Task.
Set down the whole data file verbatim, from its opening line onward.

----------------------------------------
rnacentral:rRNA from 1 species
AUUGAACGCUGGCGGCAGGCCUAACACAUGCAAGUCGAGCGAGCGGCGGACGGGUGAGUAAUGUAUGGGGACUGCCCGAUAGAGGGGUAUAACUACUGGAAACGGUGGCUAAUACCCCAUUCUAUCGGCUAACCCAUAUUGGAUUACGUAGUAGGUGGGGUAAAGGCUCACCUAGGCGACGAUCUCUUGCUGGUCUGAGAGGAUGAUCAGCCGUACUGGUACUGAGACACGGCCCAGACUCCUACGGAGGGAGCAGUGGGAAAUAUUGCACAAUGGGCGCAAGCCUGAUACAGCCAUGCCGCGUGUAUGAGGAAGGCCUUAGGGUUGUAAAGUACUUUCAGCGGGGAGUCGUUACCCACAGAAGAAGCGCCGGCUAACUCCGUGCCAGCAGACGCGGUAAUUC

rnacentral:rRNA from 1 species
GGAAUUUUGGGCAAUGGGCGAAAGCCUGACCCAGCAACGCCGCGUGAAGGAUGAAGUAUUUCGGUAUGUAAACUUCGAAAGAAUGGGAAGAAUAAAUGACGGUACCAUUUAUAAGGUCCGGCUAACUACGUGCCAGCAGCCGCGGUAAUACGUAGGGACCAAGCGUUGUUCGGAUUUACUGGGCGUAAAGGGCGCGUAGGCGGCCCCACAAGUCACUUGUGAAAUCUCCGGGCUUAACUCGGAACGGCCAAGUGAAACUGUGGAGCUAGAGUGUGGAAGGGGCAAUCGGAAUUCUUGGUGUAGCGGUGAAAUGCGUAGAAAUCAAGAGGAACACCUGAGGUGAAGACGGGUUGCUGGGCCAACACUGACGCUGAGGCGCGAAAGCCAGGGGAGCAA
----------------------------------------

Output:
rnacentral:rRNA from 1 species
AUUGAACGCUGGCGGCAGGCCUAACACAUGCAAGUCGAGCGAGCGGCGGACGGGUGAGUAAUGUAUGGGGACUGCCCGAUAGAGGGGUAUAACUACUGGAAACGGUGGCUAAUACCCCAUUCUAUCGGCUAACCCAUAUUGGAUUACGUAGUAGGUGGGGUAAAGGCUCACCUAGGCGACGAUCUCUUGCUGGUCUGAGAGGAUGAUCAGCCGUACUGGUACUGAGACACGGCCCAGACUCCUACGGAGGGAGCAGUGGGAAAUAUUGCACAAUGGGCGCAAGCCUGAUACAGCCAUGCCGCGUGUAUGAGGAAGGCCUUAGGGUUGUAAAGUACUUUCAGCGGGGAGUCGUUACCCACAGAAGAAGCGCCGGCUAACUCCGUGCCAGCAGACGCGGUAAUUC

rnacentral:rRNA from 1 species
GGAAUUUUGGGCAAUGGGCGAAAGCCUGACCCAGCAACGCCGCGUGAAGGAUGAAGUAUUUCGGUAUGUAAACUUCGAAAGAAUGGGAAGAAUAAAUGACGGUACCAUUUAUAAGGUCCGGCUAACUACGUGCCAGCAGCCGCGGUAAUACGUAGGGACCAAGCGUUGUUCGGAUUUACUGGGCGUAAAGGGCGCGUAGGCGGCCCCACAAGUCACUUGUGAAAUCUCCGGGCUUAACUCGGAACGGCCAAGUGAAACUGUGGAGCUAGAGUGUGGAAGGGGCAAUCGGAAUUCUUGGUGUAGCGGUGAAAUGCGUAGAAAUCAAGAGGAACACCUGAGGUGAAGACGGGUUGCUGGGCCAACACUGACGCUGAGGCGCGAAAGCCAGGGGAGCAA